- Making News: Britain Considers Redeploying Troops in Iraq
US commanders in Iraq have asked that 650 British troops be redeployed to back up US and Iraqi forces when they attack Fallujah. In London, opposition leaders have accused Prime Minister Blair of using British soldiers to help President Bush two weeks before the election. Toby Helm, who's covering the story for London's Daily Telegraph, says that while no final decision has been made, the mere request has caused a furor in Britain.
- Reporter's Notebook: US Troops Refuse Iraq Orders over Safety Issues
Last week, some 18 American soldiers refused to transport a shipment of fuel in Iraq, saying their trucks were unsafe and they lacked a sufficient armed escort. Today, the Washington Post reports that Army Lt. General Ricardo Sanchez, the top US commander in Iraq, complained to the Pentagon almost a year ago that the poor supply situation threatened his troops' ability to fight. Thomas Ricks reported the story.
Disputes and Lawsuits Abound as Early Voting Begins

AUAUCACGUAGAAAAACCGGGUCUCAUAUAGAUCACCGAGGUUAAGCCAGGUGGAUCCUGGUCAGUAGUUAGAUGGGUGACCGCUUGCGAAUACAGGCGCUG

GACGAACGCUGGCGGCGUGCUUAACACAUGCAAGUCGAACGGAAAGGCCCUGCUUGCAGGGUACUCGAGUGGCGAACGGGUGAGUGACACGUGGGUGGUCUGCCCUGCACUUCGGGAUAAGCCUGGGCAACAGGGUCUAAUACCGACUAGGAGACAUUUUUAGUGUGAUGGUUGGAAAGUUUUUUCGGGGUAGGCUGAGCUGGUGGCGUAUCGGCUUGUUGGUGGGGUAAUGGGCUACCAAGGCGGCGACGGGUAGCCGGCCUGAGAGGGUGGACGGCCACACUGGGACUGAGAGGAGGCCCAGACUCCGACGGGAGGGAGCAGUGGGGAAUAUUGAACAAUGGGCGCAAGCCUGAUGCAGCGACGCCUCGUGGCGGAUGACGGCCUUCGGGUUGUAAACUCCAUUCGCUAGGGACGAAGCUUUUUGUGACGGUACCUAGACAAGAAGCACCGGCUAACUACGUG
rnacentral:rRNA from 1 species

Tens of thousands of lawyers have been mobilized by both parties to monitor this year's presidential voting and to keep track of each other. The flood of new registrations in Democratic precincts has Republican lawyers out looking for fraud. Democratic lawyers, in turn, are watching their Republican colleagues for signs of intimidation. With early voting already underway in Florida, Pennsylvania and other key states, the lawsuits have already started. If the vote's as close as the latest polls are predicting, when will we know who's won the election? By the time we do, will voters still have respect for the process? Warren Olney talks to national reporters, experts in election law, pundits, and election officials.